Early weaning of beef cattle

Main points

  • Early weaning maintains body condition of breeders and reduces need for supplements.
  • Early weaning increases weaning rates.
  • Early-weaned calves must be well fed and well managed.
  • There is a trend to earlier calving after using early weaning for a few years.

What and when to wean

In a good season

Wean calves over 80 kg in April/May.

In a drought

Wean calves over 80 kg in November/December and February/March.

Calves less than 80 kg should only be weaned in extreme drought conditions. These very young calves need special attention and it may be easier to feed the cow and calf until the calf reaches 80 kg.

In a herd with continuous mating, at least one extra weaning may be necessary in August/September. Pregnancy testing and culling cows that will calve out of season will reduce the need for an extra weaning.

Feeding

This is the most important part of any early weaning program. If early-weaned calves are not fed properly they will be stunted and deaths may occur. For a feeding program to be successful calves should be drafted into the following groups according to liveweight.

  • 80-100 kg; poor calves should be put with the lighter weight group
  • 100-150 kg
  • over 150 kg.

Ration

80-100 kg

Unlimited pasture or good quality grass hay plus one of the following:

  • vegetable protein meal containing a minimum of 15% protein (daily intake up to 1 kg/hd/day)
  • 0.5 kg/hd/day grain mix (3 parts crushed grain/1 part vegetable protein meal)
  • proprietary calf pellets and mixes (feed according to manufacturers recommendations)

Do not feed molasses or lucerne hay to this group as they may cause scouring.

Coccidiosis is a major cause of poor performance and death in calves of this weight. Consider adding a coccidiostat to the ration or using a proprietary ration with a coccidiostat already included.

100-150 kg

Unlimited pasture or good quality grass hay plus one of the following rations:

  • free access to molasses plus 12-15% vegetable protein meal (daily intake 1-1.5 kg/hd/day)
  • 1 kg/hd/day grain mix (3 parts crushed grain/1 part vegetable protein meal)
  • 0.5 kg/hd/day vegetable protein meal
  • 0.5 kg/hd/day whole cottonseed
  • proprietary calf pellets and mixes (feed according to manufacturers recommendations)

Over 150 kg

Treat as normal weaners. If paddock feed is good, this group of calves may not need to be fed. When feeding is necessary feed as for 100-150 kg or molasses/urea in roller drums, or M8U. If paddock feed is limited feed good quality grass hay such as Rhodes grass. Calves should be allowed to ´fill up´ on this hay.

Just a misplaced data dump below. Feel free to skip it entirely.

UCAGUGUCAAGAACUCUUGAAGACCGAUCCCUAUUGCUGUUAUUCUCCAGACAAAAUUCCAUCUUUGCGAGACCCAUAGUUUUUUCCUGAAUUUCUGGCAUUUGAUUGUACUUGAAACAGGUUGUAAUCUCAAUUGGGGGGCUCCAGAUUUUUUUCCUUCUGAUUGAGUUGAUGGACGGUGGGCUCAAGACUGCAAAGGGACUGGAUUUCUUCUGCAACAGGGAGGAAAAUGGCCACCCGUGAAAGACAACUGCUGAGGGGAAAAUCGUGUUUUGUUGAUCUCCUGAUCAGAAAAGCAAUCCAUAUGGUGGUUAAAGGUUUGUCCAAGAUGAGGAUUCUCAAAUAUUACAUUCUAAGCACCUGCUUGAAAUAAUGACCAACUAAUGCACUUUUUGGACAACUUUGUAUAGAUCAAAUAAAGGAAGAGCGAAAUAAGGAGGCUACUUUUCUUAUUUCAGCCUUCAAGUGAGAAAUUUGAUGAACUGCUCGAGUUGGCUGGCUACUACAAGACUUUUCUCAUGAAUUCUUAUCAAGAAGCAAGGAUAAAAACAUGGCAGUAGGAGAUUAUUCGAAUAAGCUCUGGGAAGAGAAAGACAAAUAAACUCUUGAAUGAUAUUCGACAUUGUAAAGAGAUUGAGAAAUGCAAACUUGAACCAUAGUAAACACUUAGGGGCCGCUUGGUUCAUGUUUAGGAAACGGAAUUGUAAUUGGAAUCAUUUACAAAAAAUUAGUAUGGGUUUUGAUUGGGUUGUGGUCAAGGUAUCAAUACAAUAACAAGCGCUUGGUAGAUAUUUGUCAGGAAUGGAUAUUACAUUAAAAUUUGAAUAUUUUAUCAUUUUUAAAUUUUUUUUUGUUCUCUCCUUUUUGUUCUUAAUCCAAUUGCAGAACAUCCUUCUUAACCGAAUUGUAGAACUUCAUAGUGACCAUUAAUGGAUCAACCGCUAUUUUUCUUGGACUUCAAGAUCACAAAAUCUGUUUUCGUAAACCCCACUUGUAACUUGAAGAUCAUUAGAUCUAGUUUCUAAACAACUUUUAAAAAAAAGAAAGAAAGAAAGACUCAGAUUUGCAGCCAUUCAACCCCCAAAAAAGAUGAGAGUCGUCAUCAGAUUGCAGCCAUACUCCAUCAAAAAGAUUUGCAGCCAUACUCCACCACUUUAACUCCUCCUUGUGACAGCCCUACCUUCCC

Feeding notes

The levels of feeding shown are a guide only. The performance of the calves is the best indication of how much supplement is required and intakes should be varied accordingly.

Whole cottonseed contains an amino acid called 'gossypol', which can cause digestive problems and in extreme cases death in young calves. Therefore, do not feed more than the level indicated. If more supplement is required feed one of the other supplements listed.

Costs

Fifteen to thirty cents per head per day depending on the feed used and the level of feeding. This will cost $15 to $30 per head for three months.

Management

Feeding calves is more cost efficient than feeding cows and calves. A cow and calf will usually need three times the quantity of supplement of a calf alone. In any breeder herd there are a number of animals that do not need feeding but are fed because they are in the mob. When feeding calves only the animals that need to be fed are fed, thus reducing the cost.

Monitor calves for internal and external parasites at weaning. Use worm egg counts to determine the level of internal parasite infestation. Young calves are susceptible to parasites. A few parasites that are not a problem when the calf is sucking can become a major problem when it is stressed.

A clean water supply is essential.

Care should be taken when grain is included in the diet to avoid sickness caused by grain engorgement.

Hay should be fed in racks to avoid contamination from dirt and dung which may contain parasite eggs.